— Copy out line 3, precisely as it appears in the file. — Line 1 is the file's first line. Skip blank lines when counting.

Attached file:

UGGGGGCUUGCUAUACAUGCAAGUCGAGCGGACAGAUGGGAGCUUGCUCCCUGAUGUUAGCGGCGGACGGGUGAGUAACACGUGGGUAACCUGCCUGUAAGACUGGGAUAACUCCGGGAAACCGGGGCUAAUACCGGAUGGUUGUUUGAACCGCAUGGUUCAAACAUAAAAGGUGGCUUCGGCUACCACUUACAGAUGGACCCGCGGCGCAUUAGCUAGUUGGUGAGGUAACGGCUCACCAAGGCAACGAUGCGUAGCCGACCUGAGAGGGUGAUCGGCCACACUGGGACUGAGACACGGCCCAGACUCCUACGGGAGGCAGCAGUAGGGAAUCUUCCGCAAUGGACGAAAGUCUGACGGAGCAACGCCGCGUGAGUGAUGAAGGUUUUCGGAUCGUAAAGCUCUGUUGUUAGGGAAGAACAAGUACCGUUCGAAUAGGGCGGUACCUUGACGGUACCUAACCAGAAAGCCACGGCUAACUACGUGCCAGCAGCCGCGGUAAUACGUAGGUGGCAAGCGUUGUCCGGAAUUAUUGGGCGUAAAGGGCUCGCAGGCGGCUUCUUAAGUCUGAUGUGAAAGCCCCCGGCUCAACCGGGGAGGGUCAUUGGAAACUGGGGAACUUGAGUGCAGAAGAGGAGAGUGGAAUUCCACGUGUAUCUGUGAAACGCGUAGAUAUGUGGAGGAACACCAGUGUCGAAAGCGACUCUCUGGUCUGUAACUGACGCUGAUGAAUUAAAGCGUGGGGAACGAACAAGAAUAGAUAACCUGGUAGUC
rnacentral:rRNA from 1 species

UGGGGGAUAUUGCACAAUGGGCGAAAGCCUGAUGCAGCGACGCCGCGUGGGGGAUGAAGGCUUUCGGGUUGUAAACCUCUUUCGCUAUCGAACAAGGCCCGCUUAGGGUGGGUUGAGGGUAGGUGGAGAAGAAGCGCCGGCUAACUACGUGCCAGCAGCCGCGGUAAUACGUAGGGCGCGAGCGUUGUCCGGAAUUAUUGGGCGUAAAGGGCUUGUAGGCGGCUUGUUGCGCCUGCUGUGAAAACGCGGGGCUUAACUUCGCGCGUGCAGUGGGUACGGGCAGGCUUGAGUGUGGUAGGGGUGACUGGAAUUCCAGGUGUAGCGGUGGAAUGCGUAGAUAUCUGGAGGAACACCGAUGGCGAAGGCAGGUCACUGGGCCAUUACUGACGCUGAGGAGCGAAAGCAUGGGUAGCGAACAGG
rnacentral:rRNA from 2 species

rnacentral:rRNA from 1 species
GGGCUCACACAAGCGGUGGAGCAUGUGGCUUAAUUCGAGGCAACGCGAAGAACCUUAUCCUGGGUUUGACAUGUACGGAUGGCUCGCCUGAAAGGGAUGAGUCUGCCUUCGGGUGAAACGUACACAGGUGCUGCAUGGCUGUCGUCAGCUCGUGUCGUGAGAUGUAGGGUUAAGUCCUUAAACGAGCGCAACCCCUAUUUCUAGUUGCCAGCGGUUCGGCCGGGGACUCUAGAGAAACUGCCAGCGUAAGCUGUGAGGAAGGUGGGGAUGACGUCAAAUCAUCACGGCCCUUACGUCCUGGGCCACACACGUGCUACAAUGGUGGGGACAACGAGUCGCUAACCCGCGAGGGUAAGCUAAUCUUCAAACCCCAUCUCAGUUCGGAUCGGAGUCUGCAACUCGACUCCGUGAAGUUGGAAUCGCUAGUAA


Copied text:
UGGGGGAUAUUGCACAAUGGGCGAAAGCCUGAUGCAGCGACGCCGCGUGGGGGAUGAAGGCUUUCGGGUUGUAAACCUCUUUCGCUAUCGAACAAGGCCCGCUUAGGGUGGGUUGAGGGUAGGUGGAGAAGAAGCGCCGGCUAACUACGUGCCAGCAGCCGCGGUAAUACGUAGGGCGCGAGCGUUGUCCGGAAUUAUUGGGCGUAAAGGGCUUGUAGGCGGCUUGUUGCGCCUGCUGUGAAAACGCGGGGCUUAACUUCGCGCGUGCAGUGGGUACGGGCAGGCUUGAGUGUGGUAGGGGUGACUGGAAUUCCAGGUGUAGCGGUGGAAUGCGUAGAUAUCUGGAGGAACACCGAUGGCGAAGGCAGGUCACUGGGCCAUUACUGACGCUGAGGAGCGAAAGCAUGGGUAGCGAACAGG